The DDA will respond to a CQC consultation which introduces a safety assessment of the reliability of systems, processes and practices to ensure proper and safe handling of medicines.
The new assessment, which contributes to a practice’s safety rating, will scrutinise the following aspects of dispensing practice:
- Are medicines ordered, transported and stored safely and securely (including medical gases and emergency medicines and equipment)?
- Are blank prescription forms stored safely and tracked in line with NHS Protect guidance?
- Is there a system in place for completing medicine reconciliation in line with NICE guidance?
- Are medicines administered safely and recorded in notes?
- Where indicated, is therapeutic drug monitoring and physical health monitoring completed and are appropriate interventions made?
- Are people’s medicines regularly reviewed including the use of ‘when required’ medicines?
- Are patient group directions (PGDs) and guidelines for the use of medicines in date, properly authorised and legally operated?
The consultation also proposes a number of other additions and changes that will apply to the dispensary, as well as other areas of the practice. According to the CQC, the changes aim to reduce complexity and create more consistency. Among the additions to the safety domain are the following enquiry prompts:
- How effective are the arrangements to respond to relevant external safety alerts, recalls, inquiries, investigations or reviews? Are these audited?
Among the enquiry prompts to be changed in the consultation are the following:
- How are staffing levels and skill mix planned and reviewed so that people receive safe care and treatment at all times and staff do not work excessive hours?
- When things go wrong, are thorough and robust reviews, investigations or significant event analyses carried out? Are all relevant staff, services, partner organisations and people who use services involved in the review or investigation? Do staff participate in learning led by other services or organisations?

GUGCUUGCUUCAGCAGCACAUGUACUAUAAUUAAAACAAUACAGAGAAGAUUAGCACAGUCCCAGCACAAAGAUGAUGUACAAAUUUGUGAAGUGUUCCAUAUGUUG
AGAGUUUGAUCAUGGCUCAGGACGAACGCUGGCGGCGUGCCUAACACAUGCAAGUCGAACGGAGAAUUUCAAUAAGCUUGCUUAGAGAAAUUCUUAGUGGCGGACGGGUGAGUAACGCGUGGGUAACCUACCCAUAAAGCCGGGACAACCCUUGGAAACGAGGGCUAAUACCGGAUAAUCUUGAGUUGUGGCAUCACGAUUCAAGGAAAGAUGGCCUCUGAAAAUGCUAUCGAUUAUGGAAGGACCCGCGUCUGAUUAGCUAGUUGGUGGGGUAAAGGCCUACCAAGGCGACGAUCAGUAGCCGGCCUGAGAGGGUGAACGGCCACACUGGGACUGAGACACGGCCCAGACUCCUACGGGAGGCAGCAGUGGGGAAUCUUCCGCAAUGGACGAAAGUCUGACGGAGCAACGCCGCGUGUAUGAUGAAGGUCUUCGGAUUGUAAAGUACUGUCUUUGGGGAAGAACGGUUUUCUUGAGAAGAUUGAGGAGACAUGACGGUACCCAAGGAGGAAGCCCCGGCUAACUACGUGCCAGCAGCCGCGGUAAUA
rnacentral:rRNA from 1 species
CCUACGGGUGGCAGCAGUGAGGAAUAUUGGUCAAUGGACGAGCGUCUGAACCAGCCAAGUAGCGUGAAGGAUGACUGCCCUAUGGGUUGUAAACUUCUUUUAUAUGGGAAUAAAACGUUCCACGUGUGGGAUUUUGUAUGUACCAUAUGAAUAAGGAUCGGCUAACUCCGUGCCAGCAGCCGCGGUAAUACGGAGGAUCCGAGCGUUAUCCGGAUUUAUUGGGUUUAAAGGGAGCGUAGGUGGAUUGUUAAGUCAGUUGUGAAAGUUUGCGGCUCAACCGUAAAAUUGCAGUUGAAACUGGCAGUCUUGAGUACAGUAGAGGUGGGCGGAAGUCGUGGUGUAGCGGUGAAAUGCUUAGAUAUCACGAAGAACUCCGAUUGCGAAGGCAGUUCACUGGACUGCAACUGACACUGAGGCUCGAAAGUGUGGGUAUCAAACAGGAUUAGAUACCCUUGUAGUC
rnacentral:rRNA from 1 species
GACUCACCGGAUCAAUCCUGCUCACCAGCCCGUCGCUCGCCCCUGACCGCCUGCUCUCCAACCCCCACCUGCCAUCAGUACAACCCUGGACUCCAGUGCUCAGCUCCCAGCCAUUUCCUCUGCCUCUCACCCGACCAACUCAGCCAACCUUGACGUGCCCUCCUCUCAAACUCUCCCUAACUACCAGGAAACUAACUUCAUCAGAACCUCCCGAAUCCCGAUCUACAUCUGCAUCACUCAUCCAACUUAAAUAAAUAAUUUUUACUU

Information on other proposed additions and changes to the lines of enquiry and prompts within all five inspection ratings characteristics are detailed in Annex 1a of the consultation documents. Responses can be sent by email and must be received by Tuesday 14 February.
The consultation also provides clarity for awarding ratings. On the new assessment for the reliability of systems, processes and practices to ensure proper and safe handling of medicines, the CQC gives the following information:
Outstanding: Staff not only meet good practice standards in relation to national guidance, they also contribute to research and development of national guidance. Compliance with medicines policy and procedure is routinely monitored and action plans are always implemented promptly.
Good: Staff meet good practice standards described in relevant national guidance, including in relation to non-prescribed medicines. People receive their medicines as prescribed. The service involves them in regular medicines reviews. Staff manage medicines consistently and safely. Medicines are stored correctly, and disposed of safely. Staff keep accurate records of medicines.
Requires improvement: People do not always receive their medicines as prescribed. The service does not always follow relevant national guidelines around storing medicines, administering them, and disposing of them. This includes in relation to nonprescribed medicines.
Inadequate: People are at risk because staff do not administer medicines safely or people do not receive them as prescribed. Medicines are not ordered, transported or stored safely or securely.